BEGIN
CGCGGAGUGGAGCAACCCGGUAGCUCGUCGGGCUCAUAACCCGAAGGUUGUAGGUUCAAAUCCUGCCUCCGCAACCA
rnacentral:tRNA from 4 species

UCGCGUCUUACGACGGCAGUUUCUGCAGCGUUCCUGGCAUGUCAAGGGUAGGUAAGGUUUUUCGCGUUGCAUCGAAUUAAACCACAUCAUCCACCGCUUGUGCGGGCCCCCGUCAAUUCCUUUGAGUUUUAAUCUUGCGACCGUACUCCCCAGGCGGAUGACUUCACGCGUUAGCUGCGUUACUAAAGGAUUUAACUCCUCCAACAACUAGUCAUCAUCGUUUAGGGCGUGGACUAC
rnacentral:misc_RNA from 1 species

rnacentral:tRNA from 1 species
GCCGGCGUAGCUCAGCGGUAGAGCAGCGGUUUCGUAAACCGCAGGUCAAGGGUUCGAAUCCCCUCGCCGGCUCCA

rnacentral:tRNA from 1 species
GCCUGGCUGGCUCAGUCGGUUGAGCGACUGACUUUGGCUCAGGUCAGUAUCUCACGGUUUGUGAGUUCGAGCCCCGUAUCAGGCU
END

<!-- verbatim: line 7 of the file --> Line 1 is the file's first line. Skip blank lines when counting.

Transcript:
rnacentral:tRNA from 1 species